keep you awake at night?
RT: What has been the reaction of Avaya and Cisco to all of
this talk of an open-source PBX?
GV: We havenï¿½t had any reaction from them. I think we are under
their radar at the moment. However, the users are very enthusiastic. We
have many who want to eliminate their Cisco equipment or interoperate with
Asterisk. When they look at the price of these systems versus Asterisk, itï¿½s
a no brainer. We know that both Avaya and Cisco have Asterisk running in
their lab, but we have not had contact with either company in a formal
RT: Does your revenue come mostly from hardware and consulting?
GV: Mostly from hardware. Consulting is a growing portion of
our revenue and we expect this to increase significantly next year.
RT: So are you the manufacturer of the Wildcard line of
RT: How can I get a link to success stories using asterisk?
GV: We are going to have a success story link on our Web site
soon for people to add their stories but, we do not have one at the
moment. Also, check the mailing list archives (on our site).
RT: Can you please elaborate on IAXtel.com?
GV: This network is sponsored by Digium to other Asterisk users to
allow for the interconnection of * servers around the world for anyone.
The IAXtel server resides in Huntsville, AL containing an interactive
phone book that keeps track of phone numbers and user info. Users sign up
for an account and get a 1-700 phone number, user name, and password. They
can take their * anywhere in the world and connect to other * users.
RT: Is it as successful as you planned?
GV: We really have not planned a strategy. Whatever success or
strategy there is was born out of the Asterisk community. It was created
to help the Asterisk users communicate.
RT: Where is the take-up in your distribution? Can you say how
many enterprise customers you have and how many service providers?
GV: We have a network of resellers who serve their local
communities for Asterisk PBXs. Others create products such as gateways or
IVR platforms. Our distributors stock products and serve the reseller
market. I will say we have thousands of enterprise customers. No way to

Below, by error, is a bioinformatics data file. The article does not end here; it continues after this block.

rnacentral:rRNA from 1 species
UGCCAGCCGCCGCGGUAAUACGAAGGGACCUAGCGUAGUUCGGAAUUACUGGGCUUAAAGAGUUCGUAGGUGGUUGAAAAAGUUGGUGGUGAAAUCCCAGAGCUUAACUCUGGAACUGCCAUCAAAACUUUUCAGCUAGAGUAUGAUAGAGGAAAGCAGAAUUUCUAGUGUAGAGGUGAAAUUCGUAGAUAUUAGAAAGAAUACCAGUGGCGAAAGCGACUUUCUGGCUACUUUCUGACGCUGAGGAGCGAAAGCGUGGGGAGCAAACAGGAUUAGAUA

knowing exactly but based on the hardware we have sold it is in the
Digium Founder To Present Session at INTERNET
TELEPHONY Conference & EXPO Miami 2004
Mark Spencer, President of Digium and the author of
Asterisk, will present the following session on 2/12/04:
12:45 - 1:30 pm
Opportunities for International Business Development
Moderator - Marcelo Rodriguez, Editor/Publisher, Voxilla.com
Ravi Sakaria, President, CEO and co-founder, VoicePulse
Mark Spencer, President of Digium and the author of Asterisk
IP Telephony is truly a global phenomenon -- and the
opportunities to be successful with an innovative product or service
span the globe. Unfortunately, anyone who has navigated the murky
and sometimes turbulent waters of selling products and services in a
foreign land knows the many challenges that awaits a company looking
to expand into International markets. Items on every company's
expansion checklist include certifications and distribution,
locating appropriate corporate digs and staffing, finding reliable
suppliers and dealing with shipping and fulfillment ï¿½ the list
goes on and on. Luckily, there are ways to minimize the uncertainty
and learn (and profit) from the mistakes of others. Attend this
session to discover the techniques and strategies for managing a
successful international expansion.
The open source PBX concept is just beginning to catch on. It is not
generally well knownï¿½ Until now that is. The word is out and I expect it
to slowly begin to take share away from other players in the market. I
plan on following up this article with success stories at a future date to
see how open source telephony solutions work in the real world. One thing
is for certainï¿½ Commercial telecom companies are going to have to
produce even better products to compete against open source solutions and
customers are going to have more and better choices when choosing a
VoIP 911 Issues Now Solved
The FCC is up in arms about VoIP service not connecting to 911, and they